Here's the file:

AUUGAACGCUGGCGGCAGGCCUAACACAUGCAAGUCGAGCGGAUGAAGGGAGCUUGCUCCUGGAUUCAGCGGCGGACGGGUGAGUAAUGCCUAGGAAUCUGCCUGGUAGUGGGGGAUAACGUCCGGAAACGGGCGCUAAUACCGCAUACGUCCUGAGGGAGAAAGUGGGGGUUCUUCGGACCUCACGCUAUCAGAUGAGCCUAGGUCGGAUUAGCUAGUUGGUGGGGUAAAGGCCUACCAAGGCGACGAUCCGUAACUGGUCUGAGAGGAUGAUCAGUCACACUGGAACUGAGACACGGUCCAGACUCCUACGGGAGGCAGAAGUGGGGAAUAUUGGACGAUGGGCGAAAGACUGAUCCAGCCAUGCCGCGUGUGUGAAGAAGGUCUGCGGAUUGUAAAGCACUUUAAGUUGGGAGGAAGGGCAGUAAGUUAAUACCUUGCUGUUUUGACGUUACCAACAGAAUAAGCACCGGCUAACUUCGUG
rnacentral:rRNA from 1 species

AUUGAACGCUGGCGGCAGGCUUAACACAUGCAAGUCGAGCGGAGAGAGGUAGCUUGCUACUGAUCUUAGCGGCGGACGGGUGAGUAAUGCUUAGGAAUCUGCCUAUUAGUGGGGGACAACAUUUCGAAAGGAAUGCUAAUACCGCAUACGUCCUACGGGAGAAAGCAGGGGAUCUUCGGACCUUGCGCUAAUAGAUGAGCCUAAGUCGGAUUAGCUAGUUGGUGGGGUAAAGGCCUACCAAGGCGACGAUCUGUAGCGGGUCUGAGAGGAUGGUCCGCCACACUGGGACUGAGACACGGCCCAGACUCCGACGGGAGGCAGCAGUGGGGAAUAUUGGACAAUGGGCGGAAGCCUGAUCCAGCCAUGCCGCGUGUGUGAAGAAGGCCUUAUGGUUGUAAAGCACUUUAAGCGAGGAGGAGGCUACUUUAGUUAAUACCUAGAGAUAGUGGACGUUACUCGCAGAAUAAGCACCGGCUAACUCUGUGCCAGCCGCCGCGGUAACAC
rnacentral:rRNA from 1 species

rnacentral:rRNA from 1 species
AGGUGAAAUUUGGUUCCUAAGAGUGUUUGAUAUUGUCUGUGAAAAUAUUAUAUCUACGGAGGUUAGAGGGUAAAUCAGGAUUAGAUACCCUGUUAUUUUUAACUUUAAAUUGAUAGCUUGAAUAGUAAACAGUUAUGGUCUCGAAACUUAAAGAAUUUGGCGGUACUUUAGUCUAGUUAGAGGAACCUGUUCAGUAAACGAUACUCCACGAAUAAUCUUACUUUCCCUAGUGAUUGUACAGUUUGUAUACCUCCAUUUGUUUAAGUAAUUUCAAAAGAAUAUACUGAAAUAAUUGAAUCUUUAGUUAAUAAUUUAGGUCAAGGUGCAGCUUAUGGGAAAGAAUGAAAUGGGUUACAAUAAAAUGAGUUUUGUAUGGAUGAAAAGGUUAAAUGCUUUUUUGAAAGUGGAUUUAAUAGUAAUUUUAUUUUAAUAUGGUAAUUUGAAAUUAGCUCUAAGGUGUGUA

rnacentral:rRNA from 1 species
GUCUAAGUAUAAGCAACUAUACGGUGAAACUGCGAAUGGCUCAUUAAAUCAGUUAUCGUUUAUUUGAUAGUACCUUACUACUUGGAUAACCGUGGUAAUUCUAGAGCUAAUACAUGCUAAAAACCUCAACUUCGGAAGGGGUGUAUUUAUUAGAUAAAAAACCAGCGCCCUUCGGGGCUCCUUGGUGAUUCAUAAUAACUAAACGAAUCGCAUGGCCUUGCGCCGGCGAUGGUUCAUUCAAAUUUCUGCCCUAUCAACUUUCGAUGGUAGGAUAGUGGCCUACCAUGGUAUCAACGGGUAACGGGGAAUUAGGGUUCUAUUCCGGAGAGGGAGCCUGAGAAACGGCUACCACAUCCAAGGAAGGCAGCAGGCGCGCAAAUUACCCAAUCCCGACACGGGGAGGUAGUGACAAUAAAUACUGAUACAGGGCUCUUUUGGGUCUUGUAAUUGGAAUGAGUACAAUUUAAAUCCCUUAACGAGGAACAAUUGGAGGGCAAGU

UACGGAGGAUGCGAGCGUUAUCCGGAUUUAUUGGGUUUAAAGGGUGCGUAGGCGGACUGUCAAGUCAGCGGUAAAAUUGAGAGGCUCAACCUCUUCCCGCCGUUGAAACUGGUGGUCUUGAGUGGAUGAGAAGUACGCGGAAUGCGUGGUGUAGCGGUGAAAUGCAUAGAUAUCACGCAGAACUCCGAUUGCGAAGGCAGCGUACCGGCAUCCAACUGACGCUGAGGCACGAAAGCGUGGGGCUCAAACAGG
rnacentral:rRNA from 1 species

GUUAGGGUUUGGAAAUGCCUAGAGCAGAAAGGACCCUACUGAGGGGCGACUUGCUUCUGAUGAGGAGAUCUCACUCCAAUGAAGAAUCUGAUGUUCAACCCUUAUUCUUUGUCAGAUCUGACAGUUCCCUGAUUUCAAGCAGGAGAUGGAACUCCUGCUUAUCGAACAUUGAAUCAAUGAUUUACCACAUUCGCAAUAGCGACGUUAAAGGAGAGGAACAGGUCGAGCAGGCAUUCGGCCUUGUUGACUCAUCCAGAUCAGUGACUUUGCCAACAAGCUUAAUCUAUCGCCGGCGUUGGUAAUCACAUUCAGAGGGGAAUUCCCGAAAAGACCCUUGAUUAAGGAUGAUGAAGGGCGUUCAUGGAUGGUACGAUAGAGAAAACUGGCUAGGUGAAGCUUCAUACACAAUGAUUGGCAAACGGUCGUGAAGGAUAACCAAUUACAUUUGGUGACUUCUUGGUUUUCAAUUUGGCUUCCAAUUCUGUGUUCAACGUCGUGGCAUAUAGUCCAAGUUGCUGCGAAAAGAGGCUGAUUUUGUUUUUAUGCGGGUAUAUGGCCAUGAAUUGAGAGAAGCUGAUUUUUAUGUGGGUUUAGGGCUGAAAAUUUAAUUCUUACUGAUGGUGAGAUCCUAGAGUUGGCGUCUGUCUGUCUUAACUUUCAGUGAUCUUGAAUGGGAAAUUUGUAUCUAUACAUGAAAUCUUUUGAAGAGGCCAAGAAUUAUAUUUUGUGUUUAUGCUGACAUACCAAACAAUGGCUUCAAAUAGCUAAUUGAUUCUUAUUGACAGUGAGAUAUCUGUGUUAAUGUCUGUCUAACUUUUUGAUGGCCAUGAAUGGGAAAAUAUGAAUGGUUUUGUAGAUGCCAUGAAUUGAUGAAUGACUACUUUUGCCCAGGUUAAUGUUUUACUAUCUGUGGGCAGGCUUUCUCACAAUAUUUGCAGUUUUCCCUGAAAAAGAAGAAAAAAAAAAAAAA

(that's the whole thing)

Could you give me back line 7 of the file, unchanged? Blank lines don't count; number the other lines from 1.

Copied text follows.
rnacentral:rRNA from 1 species